From my experience in professional development and management consulting, I can tell you that the number one complaint organizations have about their employees is their inability to act tactically but think strategically–or, as above, to act like an employee but think like an entrepreneur. This requires being a follower and a leader simultaneously, and knowing which hat to wear when.

 

First off, I hate when someone says “the organization” has a complaint, perspective, takes an action, or anything else.  Organizations do not act – people within organizations act.  In the above passage, “the number one complaint organizations have about their employees” really means “the number one complaint people at the head of organizations have about their employees” or, in other words, “the boss is complaining about the employees’ inability.”

Yep – that’s right – the behavior of the rank & file is all their fault.  It’s not that management styles prevent risk taking, it’s that those people at the bottom just don’t know how to get to the top.

The article goes on to depict a situation where an entrepreneurial-minded young man rewrote some of the code behind one of his company’s critical reporting processes – without asking permission – and his efforts yielded success.  Of course, he was also a year out of college and, quite very likely, had nothing to lose.  Take a seasoned professional who isn’t yet vested in the 401K plan, has children in need of braces, summer camp, daycare, and a house to live in – and the willingness to unilaterally initiate an enterprise-changing project diminishes greatly.  Why?  Because in many places the very fact that you undertook something without three levels of review and approval threatens your ability to stay at least in the middle of Maslow’s pyramid.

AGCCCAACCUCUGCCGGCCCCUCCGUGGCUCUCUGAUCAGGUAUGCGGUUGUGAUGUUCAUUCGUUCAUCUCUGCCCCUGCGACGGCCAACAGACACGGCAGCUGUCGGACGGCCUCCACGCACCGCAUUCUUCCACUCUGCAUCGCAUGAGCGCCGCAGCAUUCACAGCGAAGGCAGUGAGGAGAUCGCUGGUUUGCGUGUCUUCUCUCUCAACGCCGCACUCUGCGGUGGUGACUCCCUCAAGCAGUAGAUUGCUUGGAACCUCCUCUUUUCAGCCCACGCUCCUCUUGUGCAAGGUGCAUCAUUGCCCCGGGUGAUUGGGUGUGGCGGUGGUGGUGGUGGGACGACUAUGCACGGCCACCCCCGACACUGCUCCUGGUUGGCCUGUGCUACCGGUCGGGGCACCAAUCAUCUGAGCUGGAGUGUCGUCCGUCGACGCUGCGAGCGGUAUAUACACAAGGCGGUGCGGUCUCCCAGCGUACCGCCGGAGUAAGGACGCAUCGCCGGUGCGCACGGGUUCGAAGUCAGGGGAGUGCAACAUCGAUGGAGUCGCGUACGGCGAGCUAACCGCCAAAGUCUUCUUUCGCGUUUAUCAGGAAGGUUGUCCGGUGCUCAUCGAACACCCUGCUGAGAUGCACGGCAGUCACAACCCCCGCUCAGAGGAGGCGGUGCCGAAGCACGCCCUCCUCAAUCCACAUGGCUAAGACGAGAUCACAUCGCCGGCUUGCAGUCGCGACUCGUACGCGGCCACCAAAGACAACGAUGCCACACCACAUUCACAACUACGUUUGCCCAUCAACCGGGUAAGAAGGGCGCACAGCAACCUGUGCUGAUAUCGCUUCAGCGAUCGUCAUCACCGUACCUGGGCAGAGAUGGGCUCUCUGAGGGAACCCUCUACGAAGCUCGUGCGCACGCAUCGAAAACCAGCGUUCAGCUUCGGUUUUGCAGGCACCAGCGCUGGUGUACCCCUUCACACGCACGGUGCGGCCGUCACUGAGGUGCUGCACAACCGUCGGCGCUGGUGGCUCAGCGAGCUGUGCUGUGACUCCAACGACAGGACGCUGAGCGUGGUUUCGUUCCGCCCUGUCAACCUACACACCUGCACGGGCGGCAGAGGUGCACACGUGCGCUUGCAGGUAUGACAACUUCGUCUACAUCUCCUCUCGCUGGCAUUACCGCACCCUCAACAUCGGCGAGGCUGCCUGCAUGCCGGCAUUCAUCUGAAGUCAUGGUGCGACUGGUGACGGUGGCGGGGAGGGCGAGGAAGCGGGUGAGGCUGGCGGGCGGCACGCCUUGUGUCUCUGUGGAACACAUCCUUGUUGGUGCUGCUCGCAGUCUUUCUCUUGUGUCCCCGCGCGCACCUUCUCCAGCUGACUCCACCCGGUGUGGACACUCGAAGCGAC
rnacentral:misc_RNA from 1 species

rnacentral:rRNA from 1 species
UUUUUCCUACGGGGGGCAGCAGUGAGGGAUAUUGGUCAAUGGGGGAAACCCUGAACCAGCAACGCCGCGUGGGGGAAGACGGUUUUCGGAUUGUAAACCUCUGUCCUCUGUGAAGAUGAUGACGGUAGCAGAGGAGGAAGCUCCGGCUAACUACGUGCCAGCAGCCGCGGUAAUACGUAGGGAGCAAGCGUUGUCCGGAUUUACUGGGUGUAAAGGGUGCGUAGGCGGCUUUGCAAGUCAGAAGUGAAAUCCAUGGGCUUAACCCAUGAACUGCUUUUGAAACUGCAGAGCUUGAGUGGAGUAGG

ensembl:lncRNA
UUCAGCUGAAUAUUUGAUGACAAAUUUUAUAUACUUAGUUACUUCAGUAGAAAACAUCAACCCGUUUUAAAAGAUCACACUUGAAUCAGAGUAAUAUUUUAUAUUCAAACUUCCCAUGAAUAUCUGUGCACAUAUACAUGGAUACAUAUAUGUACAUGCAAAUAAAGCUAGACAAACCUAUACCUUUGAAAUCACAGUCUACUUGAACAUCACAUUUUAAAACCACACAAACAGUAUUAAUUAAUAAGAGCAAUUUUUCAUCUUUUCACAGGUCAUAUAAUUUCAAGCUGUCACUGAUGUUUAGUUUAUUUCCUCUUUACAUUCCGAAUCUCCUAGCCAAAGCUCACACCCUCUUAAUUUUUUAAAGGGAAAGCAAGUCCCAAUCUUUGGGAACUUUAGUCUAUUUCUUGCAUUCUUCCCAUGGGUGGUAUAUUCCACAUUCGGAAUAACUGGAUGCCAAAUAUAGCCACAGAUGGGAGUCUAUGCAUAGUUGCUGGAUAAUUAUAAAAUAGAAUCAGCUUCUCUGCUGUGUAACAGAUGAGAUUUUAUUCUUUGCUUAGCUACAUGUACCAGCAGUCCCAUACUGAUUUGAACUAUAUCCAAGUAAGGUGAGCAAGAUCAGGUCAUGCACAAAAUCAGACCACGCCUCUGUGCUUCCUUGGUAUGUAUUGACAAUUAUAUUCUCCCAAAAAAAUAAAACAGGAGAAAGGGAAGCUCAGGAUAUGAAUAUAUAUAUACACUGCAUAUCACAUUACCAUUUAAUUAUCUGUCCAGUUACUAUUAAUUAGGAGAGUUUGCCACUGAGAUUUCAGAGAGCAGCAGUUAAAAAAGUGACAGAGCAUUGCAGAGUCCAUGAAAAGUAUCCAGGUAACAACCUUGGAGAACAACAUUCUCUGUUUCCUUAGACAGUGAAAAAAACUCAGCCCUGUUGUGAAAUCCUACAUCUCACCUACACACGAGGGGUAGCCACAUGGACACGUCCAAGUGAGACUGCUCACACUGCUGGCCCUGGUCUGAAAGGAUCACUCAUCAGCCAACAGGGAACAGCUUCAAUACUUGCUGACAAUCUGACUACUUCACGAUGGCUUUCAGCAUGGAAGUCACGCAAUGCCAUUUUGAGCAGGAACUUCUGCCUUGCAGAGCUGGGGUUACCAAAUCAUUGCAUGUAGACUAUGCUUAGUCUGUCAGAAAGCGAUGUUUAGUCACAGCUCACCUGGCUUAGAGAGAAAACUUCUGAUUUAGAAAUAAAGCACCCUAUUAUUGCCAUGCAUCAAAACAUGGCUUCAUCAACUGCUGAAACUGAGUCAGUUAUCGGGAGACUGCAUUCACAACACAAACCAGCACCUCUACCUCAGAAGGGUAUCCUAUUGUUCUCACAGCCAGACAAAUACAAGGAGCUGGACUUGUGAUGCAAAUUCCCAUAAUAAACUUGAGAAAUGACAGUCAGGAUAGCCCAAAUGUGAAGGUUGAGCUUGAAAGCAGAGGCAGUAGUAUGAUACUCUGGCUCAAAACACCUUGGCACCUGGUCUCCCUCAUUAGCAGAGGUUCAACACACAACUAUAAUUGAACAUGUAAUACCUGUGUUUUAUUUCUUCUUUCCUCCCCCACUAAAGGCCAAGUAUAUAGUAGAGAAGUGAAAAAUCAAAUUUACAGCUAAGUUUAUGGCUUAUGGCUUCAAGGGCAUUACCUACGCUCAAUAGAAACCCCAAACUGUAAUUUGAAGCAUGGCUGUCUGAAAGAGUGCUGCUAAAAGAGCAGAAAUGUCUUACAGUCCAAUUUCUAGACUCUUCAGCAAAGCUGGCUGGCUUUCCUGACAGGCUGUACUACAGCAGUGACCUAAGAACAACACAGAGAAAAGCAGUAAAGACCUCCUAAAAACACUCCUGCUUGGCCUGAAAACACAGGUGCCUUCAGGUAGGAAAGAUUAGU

The article’s point is well taken, and offers some very solid advice:

After all, if you are super productive, all you’ll get is more work to do, right?

Yes, and in more than one sense. You may be assigned more responsibilities and tasks, but you will also likely be offered more opportunity in the organization…as long as you make sure someone notices the effort. Like the proverbial tree in the forest, if a man works 80 hours a week and no one sees him, does he still get a raise? (No.) This is why productivity, when combined with a great professional brand, is an awesome recipe for increasing your value within an organization. The point is to look at your job responsibilities and required skills from a place of ownership, initiative, and personal direction. Remember, it’s about strategy and tactics.

 

However, I’d hate to be in the organization where everyone is looking for a big project to undertake in order to make a name for themselves.  That sounds like a place without standards, where it is more likely that people will seek to make themselves look good by making others look bad, and where management, rather than leading the people within the organization to reach their potential, is content to sit by and let the wolves destroy each other just to see which one is the strongest.